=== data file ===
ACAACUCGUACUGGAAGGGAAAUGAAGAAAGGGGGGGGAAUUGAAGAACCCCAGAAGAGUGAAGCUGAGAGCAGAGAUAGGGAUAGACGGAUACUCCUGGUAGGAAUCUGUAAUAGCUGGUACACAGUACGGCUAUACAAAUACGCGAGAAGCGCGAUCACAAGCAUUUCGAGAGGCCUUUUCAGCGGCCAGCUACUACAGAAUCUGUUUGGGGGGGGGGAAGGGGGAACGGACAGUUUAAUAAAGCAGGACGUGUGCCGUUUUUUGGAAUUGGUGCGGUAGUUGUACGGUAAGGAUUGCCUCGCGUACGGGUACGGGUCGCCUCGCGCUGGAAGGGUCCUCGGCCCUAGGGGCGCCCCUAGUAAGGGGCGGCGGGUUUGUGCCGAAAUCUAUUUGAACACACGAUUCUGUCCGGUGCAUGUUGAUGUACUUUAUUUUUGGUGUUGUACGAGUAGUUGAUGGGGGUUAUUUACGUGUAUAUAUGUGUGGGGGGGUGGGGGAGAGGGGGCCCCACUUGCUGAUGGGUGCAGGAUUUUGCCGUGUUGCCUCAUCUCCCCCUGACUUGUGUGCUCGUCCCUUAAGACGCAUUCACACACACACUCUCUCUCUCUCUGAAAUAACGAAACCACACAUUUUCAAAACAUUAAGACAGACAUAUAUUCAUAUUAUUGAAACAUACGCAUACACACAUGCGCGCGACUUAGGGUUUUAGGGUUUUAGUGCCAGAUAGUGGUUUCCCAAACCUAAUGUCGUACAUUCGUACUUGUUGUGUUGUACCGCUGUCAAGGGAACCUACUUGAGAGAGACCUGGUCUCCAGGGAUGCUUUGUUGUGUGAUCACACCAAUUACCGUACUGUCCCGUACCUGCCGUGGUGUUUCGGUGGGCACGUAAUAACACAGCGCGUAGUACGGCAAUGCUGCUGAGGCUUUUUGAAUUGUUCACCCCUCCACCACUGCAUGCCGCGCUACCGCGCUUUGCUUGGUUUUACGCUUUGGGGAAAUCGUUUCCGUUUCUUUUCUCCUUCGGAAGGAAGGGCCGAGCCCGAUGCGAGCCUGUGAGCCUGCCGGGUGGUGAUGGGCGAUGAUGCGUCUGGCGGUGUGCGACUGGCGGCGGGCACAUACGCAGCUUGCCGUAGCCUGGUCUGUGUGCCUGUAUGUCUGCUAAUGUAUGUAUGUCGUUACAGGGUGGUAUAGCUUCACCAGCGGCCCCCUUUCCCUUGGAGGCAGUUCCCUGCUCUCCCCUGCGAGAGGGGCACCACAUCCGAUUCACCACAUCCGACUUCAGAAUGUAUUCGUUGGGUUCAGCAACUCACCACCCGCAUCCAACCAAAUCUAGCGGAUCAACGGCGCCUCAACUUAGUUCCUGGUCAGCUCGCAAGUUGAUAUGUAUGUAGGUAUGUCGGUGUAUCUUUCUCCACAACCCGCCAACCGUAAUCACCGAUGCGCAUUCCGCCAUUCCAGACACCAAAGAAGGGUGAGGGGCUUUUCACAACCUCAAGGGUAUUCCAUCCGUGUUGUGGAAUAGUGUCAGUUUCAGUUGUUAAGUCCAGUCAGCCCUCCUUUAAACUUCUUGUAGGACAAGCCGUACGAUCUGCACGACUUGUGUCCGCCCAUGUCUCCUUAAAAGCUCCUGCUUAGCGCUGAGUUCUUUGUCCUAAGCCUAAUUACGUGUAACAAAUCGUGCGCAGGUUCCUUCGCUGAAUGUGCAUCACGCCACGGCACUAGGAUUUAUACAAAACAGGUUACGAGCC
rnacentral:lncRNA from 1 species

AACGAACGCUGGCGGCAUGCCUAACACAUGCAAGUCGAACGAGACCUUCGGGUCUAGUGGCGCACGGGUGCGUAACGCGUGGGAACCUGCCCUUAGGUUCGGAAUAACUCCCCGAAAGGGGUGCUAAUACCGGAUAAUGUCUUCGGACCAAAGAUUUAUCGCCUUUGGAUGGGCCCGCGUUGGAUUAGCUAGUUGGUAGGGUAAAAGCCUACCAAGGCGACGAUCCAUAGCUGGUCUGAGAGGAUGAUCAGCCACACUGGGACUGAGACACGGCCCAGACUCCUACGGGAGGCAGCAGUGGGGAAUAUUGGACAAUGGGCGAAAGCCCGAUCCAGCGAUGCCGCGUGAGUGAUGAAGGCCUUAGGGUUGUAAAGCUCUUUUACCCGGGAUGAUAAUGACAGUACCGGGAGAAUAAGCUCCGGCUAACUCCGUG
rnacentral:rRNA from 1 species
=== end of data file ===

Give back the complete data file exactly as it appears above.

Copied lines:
ACAACUCGUACUGGAAGGGAAAUGAAGAAAGGGGGGGGAAUUGAAGAACCCCAGAAGAGUGAAGCUGAGAGCAGAGAUAGGGAUAGACGGAUACUCCUGGUAGGAAUCUGUAAUAGCUGGUACACAGUACGGCUAUACAAAUACGCGAGAAGCGCGAUCACAAGCAUUUCGAGAGGCCUUUUCAGCGGCCAGCUACUACAGAAUCUGUUUGGGGGGGGGGAAGGGGGAACGGACAGUUUAAUAAAGCAGGACGUGUGCCGUUUUUUGGAAUUGGUGCGGUAGUUGUACGGUAAGGAUUGCCUCGCGUACGGGUACGGGUCGCCUCGCGCUGGAAGGGUCCUCGGCCCUAGGGGCGCCCCUAGUAAGGGGCGGCGGGUUUGUGCCGAAAUCUAUUUGAACACACGAUUCUGUCCGGUGCAUGUUGAUGUACUUUAUUUUUGGUGUUGUACGAGUAGUUGAUGGGGGUUAUUUACGUGUAUAUAUGUGUGGGGGGGUGGGGGAGAGGGGGCCCCACUUGCUGAUGGGUGCAGGAUUUUGCCGUGUUGCCUCAUCUCCCCCUGACUUGUGUGCUCGUCCCUUAAGACGCAUUCACACACACACUCUCUCUCUCUCUGAAAUAACGAAACCACACAUUUUCAAAACAUUAAGACAGACAUAUAUUCAUAUUAUUGAAACAUACGCAUACACACAUGCGCGCGACUUAGGGUUUUAGGGUUUUAGUGCCAGAUAGUGGUUUCCCAAACCUAAUGUCGUACAUUCGUACUUGUUGUGUUGUACCGCUGUCAAGGGAACCUACUUGAGAGAGACCUGGUCUCCAGGGAUGCUUUGUUGUGUGAUCACACCAAUUACCGUACUGUCCCGUACCUGCCGUGGUGUUUCGGUGGGCACGUAAUAACACAGCGCGUAGUACGGCAAUGCUGCUGAGGCUUUUUGAAUUGUUCACCCCUCCACCACUGCAUGCCGCGCUACCGCGCUUUGCUUGGUUUUACGCUUUGGGGAAAUCGUUUCCGUUUCUUUUCUCCUUCGGAAGGAAGGGCCGAGCCCGAUGCGAGCCUGUGAGCCUGCCGGGUGGUGAUGGGCGAUGAUGCGUCUGGCGGUGUGCGACUGGCGGCGGGCACAUACGCAGCUUGCCGUAGCCUGGUCUGUGUGCCUGUAUGUCUGCUAAUGUAUGUAUGUCGUUACAGGGUGGUAUAGCUUCACCAGCGGCCCCCUUUCCCUUGGAGGCAGUUCCCUGCUCUCCCCUGCGAGAGGGGCACCACAUCCGAUUCACCACAUCCGACUUCAGAAUGUAUUCGUUGGGUUCAGCAACUCACCACCCGCAUCCAACCAAAUCUAGCGGAUCAACGGCGCCUCAACUUAGUUCCUGGUCAGCUCGCAAGUUGAUAUGUAUGUAGGUAUGUCGGUGUAUCUUUCUCCACAACCCGCCAACCGUAAUCACCGAUGCGCAUUCCGCCAUUCCAGACACCAAAGAAGGGUGAGGGGCUUUUCACAACCUCAAGGGUAUUCCAUCCGUGUUGUGGAAUAGUGUCAGUUUCAGUUGUUAAGUCCAGUCAGCCCUCCUUUAAACUUCUUGUAGGACAAGCCGUACGAUCUGCACGACUUGUGUCCGCCCAUGUCUCCUUAAAAGCUCCUGCUUAGCGCUGAGUUCUUUGUCCUAAGCCUAAUUACGUGUAACAAAUCGUGCGCAGGUUCCUUCGCUGAAUGUGCAUCACGCCACGGCACUAGGAUUUAUACAAAACAGGUUACGAGCC
rnacentral:lncRNA from 1 species

AACGAACGCUGGCGGCAUGCCUAACACAUGCAAGUCGAACGAGACCUUCGGGUCUAGUGGCGCACGGGUGCGUAACGCGUGGGAACCUGCCCUUAGGUUCGGAAUAACUCCCCGAAAGGGGUGCUAAUACCGGAUAAUGUCUUCGGACCAAAGAUUUAUCGCCUUUGGAUGGGCCCGCGUUGGAUUAGCUAGUUGGUAGGGUAAAAGCCUACCAAGGCGACGAUCCAUAGCUGGUCUGAGAGGAUGAUCAGCCACACUGGGACUGAGACACGGCCCAGACUCCUACGGGAGGCAGCAGUGGGGAAUAUUGGACAAUGGGCGAAAGCCCGAUCCAGCGAUGCCGCGUGAGUGAUGAAGGCCUUAGGGUUGUAAAGCUCUUUUACCCGGGAUGAUAAUGACAGUACCGGGAGAAUAAGCUCCGGCUAACUCCGUG
rnacentral:rRNA from 1 species